You are at Basic Concepts - Time
Response - 1st Order Step and Impulse Response
Return
to Table of Contents Why
Worry About Time Response Behavior?
Time behavior of a system is important. When you design a system,
the time behavior may well be the most important aspect of its' behavior.
Points you might worry about include the following.
How quickly
a system responds is important. If you
have a control system that's controlling a temperature, how long it takes
the temperature to reach a new steady state is important.
Say you're
trying to control a temperature, and you want the temperature to be 200^{o}
C. If the temperature goes to 250^{o}
C before it settles out, you'll want to know that. Control systems
designers worry about overshoot
and how close a system comes to instability.
If you're
trying to control speed of an automobile at 55mph and the speed keeps varying
between 50mph and 60mph, your design isn't very good. Oscillations
in a system are not usually desirable.
If you are
trying to control any variable, you want to
control it accurately, so you will need to
be able to predict the steady state in a system.
These
examples are intended to show you that the ability to predict details of
how a system responds is important when you design systems. These
are but a few of many different aspects of time behavior of a system that
are important in control system design. The examples above really
are talking about aspects like:
Speed of response
Relative stability of
the system
Stability
of the system
When
you design systems or circuits you often need to worry about these aspects
of the system's time behavior. Before you build your system, you
want to know how it will perform. You need
to make predictions.
In this lesson, we will begin to examine how it is possible to predict
aspects of the time behavior of a system. We'll do that by starting
with a first order system and examining the parameters of that kind of
system that control their time behavior. We'll do that in ways that
will let us generalize concepts to more complex systems - and there are
lots of more complex systems you'll be worrying about. With that
under your belt, you will have the knowledge you need to predict how first
order systems behave. That will set the stage for learning about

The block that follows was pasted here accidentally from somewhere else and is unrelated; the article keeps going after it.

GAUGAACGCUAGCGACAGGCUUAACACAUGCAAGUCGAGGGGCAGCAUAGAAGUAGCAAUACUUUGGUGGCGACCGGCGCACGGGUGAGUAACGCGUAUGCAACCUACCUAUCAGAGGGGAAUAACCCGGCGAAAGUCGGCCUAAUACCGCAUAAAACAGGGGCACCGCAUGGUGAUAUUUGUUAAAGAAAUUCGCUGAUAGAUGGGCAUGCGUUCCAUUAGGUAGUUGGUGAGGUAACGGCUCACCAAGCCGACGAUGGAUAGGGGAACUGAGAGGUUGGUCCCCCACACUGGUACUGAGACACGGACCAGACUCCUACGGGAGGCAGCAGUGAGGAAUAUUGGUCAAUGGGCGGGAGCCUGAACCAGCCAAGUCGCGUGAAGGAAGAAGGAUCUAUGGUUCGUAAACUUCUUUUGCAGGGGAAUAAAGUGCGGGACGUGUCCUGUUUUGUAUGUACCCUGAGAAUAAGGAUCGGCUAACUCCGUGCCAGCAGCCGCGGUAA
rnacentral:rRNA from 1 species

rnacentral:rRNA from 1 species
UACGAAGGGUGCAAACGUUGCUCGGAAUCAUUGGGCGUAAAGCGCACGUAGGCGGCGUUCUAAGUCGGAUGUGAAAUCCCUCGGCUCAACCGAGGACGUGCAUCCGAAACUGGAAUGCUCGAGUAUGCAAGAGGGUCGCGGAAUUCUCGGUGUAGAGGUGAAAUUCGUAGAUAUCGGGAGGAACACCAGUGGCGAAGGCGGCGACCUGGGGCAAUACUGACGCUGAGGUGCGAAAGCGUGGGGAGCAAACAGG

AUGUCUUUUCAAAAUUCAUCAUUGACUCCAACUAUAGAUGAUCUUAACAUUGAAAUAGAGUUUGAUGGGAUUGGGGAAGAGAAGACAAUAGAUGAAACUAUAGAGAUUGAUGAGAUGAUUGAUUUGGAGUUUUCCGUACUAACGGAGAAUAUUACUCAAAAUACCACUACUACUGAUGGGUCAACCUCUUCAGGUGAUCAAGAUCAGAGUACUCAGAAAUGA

more complex systems.
Goals
For This Lesson
There are a number of goals for you in this lesson.
First, if you have a first order system,
you need to be able to predict and understand how it responds to an input,
so you need to be able to do this.
Given a first order system,
Determine
the impulse and step response of the system.
Secondly,
you may go into a lab and measure a system, and if it is first order, you
need to be able to do this.
Given
the step response of a first order system,
Determine
the parameters - DC gain and time constant of the system.
This second goal is considerably different from
the first. In the first goal, you are given information about the
system and the input to the system, and have to determine how the system
responde. In the second goal, you are given information about the
input and output of a system and have to determine what the system is.
That's a completely different kind of problem, but in both cases you will
need to learn the material in the rest of this lesson. There is a
separate lesson on system identification where you look at input and output
and work to determine a model for the system. Click
here to go to that lesson.
The
System - And Some Examples
The simplest
possible dynamic system is one which satisfies a first order, linear, differential
equation. Here's a generic form of the differential equation.
A block diagram representation of the system is given at the right.
tdx/dt
+ x(t) = G_{dc}u(t)
x(t) =
Response of the System,
u(t)
= Input to the System,
t
= The System Time Constant,
G_{dc}
= The DC Gain of the System.
The parameters you find in a first order system determine aspects of various
kinds of responses. Whether we are talking about impulse response,
step response or response to other inputs, we will still find the following
relations.
t,
the time constant, will determine how quickly the system moves toward steady
state.
G_{dc},
the DC gain of the system, will determine the size of steady state response
when the input settles out to a constant value.
You also need to note that a system that satisfies the differential equation
above has a transfer function of the form:
G1(s) = X(s)/U(s)
= G_{dc}/(st
+ 1)
Some
Examples of First Order Systems
The differential equation describes many different systems of many different
types. We can look at some of the systems whose behavior is described
by a first order differential equation like the one above.
The parameters you find in a first order system determine aspects of various
kinds of responses. Whether we are talking about impulse response, step
response or response to other inputs, we will still have the following
quantities and system parameters.
x(t)
= Response of the System,
u(t)
= Input to the System,
t
= The System Time Constant,
G_{dc}
= The DC Gain of the System.
Every system will have an input which we can
call u(t), and a response we will denote by x(t). Each system will
also have a time constand and a DC gain.
t,
the time constant,
will determine how quickly the system moves toward steady state.
G_{dc},
the DC gain of the system, will determine
the size of steady state response when the input settles out to a constant
value.
Now, let's look at some example systems.
The first system is not entirely whimsical.